This may end up being a Philosophy 101 question. Should someone (or an organization) be criticized for their intentions or on the results of their actions? If they were being very clever and defeated the bill we should praise them. If they were just looking out for the short term and got lucky with the same result should we be critical of them?
Let me start off by saying I don’t think any of this was some devious plot by NRA. There’s too many unknowns at work they couldn’t have predicted ahead of time. But in conflict, any kind of conflict, engaging with your opponent yields important information. It forces him to react. In most conflict, the victor is often not the smartest player in the game, but the player who makes the fewest mistakes. Philosophically, I think you have to look at intent. But what was NRA’s intent?
Boiled down to one sentence it was “If we’re subject to this bill, we’re going to oppose it.” That forced the enemy, in this case, Pelosi and Van Hollen, to react. They reacted poorly, first by rejecting Shuler’s proposal to exempt all 501(c)(4) advocacy groups, which would include NRA and nearly everyone else. Second in floating aÂ blatantlyÂ transparent deal that exempted pretty much only NRA, that had the effect of pissing everyone else off enough to actually do something in opposition to the bill. NRA engaged the enemy, and they made mistakes. The entire chain of events was set in motion by NRA’s initial opposition to DISCLOSE. If the bill goes down to defeat, which is looking increasingly likely, I think it would be unfair not to give NRA credit for its defeat. It was the NRA’s opposition to the bill that forced the Democrats to make mistakes.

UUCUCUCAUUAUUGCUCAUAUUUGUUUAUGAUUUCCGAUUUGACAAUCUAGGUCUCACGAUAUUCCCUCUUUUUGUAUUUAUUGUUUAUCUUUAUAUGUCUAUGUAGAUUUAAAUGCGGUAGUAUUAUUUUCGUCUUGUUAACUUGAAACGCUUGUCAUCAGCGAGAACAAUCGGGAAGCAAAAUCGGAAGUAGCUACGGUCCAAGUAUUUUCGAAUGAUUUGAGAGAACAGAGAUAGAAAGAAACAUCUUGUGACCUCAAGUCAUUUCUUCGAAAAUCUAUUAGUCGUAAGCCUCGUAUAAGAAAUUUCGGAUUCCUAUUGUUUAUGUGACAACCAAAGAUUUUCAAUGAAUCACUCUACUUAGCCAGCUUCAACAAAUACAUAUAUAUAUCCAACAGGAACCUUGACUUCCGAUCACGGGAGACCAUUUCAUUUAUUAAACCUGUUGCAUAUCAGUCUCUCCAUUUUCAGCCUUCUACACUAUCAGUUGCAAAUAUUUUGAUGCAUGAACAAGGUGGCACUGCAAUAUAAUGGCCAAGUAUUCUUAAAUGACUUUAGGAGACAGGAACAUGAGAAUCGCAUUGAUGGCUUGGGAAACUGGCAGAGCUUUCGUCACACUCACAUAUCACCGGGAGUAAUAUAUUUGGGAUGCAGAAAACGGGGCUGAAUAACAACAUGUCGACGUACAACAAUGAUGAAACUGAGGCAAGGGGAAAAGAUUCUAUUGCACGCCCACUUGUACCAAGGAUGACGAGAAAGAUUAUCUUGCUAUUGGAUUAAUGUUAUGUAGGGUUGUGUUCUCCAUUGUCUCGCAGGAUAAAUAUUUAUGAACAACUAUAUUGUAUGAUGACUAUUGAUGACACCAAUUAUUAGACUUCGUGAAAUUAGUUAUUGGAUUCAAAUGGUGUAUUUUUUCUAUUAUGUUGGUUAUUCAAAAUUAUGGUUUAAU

PerhapsÂ it could be argued that NRA making public pronouncements about not opposing DISCLOSE with Van Hollen’s amendment was a mistake. There’s an argument to be made. I don’t think many historians would argue that our carrier tactics in the Battle of the Coral Sea were all that up to stuff, but it’s still widely considered an American win because we were the side that made fewer mistakes. Strategically, the implications of that conflict played out in our favor. So I don’t think it’s any less correct to credit NRA with defeating DISCLOSE than it would be to say the U.S. Navy won the Battle of the Coral Sea.